The leaders did not understand the power of the Holy Spirit to transform unschooled, ordinary men into such bold spokesmen. While they could not deny the visible healing of the man before them, they instructed the apostles not to teach about Jesus anymore. (Acts 4:13-18)

The apostles give the perfect response, after which they were released:

But Peter and John replied, “Which is right in God’s eyes: to listen to you, or to Him? You be the judges! As for us, we cannot help speaking about what we have seen and heard.” (Acts 4:19-20)

Prayer in All Circumstances
The apostles and believers prayed together in the midst of their great victory notwithstanding the looming clouds of a coming storm of opposition:

…they raised their voices together in prayer to God…. “Now, Lord, consider their threats and enable your servants to speak your word with great boldness. Stretch out your hand to heal and perform signs and wonders through the name of your holy servant Jesus.”

After they prayed, the place where they were meeting was shaken. And they were all filled with the Holy Spirit and spoke the word of God boldly. (Acts 4:21-31)

The Church that Surpasses Understanding
We get a brief glimpse of the early group of new Christian believers made up mostly of formerly Orthodox Jews. It’s an amazing community lovefest of all believers sharing their possessions:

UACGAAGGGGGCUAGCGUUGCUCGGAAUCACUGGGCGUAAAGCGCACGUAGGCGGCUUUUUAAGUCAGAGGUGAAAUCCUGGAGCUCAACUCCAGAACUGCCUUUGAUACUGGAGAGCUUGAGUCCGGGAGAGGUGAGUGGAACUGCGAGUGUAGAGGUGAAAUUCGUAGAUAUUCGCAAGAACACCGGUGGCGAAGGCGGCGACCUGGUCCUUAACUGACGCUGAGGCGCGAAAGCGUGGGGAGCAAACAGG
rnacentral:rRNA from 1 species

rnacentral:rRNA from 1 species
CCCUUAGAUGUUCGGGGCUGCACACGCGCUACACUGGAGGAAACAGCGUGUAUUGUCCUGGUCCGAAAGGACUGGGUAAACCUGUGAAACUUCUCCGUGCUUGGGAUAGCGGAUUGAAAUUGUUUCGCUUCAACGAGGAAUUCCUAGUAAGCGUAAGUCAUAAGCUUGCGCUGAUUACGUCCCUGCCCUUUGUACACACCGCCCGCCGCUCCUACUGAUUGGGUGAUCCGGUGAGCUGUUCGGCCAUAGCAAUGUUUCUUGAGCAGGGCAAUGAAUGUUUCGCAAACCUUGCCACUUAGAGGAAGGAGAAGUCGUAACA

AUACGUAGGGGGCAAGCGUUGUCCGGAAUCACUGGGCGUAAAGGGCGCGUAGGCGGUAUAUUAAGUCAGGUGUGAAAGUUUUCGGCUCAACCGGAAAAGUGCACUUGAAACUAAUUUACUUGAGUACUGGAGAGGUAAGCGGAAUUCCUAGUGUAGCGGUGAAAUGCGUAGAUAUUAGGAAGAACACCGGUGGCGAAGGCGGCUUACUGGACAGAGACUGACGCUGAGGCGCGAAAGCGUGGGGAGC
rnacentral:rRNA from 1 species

All the believers were one in heart and mind. No one claimed that any of their possessions was their own, but they shared everything they had. With great power the apostles continued to testify to the resurrection of the Lord Jesus. And God’s grace was so powerfully at work in them all that there were no needy persons among them. For from time to time those who owned land or houses sold them, brought the money from the sales and put it at the apostles’ feet, and it was distributed to anyone who had need. (Acts 4:32-37)

As we will soon find out in subsequent chapters, this time of great unity and peace among the Christians did not last long. Opposition from within and without reflecting the natural sinful nature of man soon reared its ugly head.

And it still does to this day. People fail us, we fail ourselves and others, circumstances go against our plans and desires. Even as Christians. We experience great spiritual victories and then suffer great losses, spiritual and otherwise.

Yet the Lord God is constant, holy and good. The victory of Christ is everlasting. Our temporal wins and losses, joyful and painful, are real yet fleeting. In the long run, eternity, all that matters is the long run and our standing with God. Any opposition or foe, even death and tragedy, have no stranglehold that matters beyond these earthly days.

It’s only our mental perspective and our Holy Spirit-led heart and soul that allow us to exude true joy, peace, goodness, and understanding, regardless of our circumstances or worldly opposition.

What do you do in the face of opposition?
You will keep in perfect peace those whose minds are steadfast, because they trust in you. – Isaiah 26:3

Categories: Abundant Living, Books of the Bible, Church, Devotion, Discipleship, Evil, Faith, Jesus, Marketplace, Prayer, Purpose, Suffering, The Church, Theology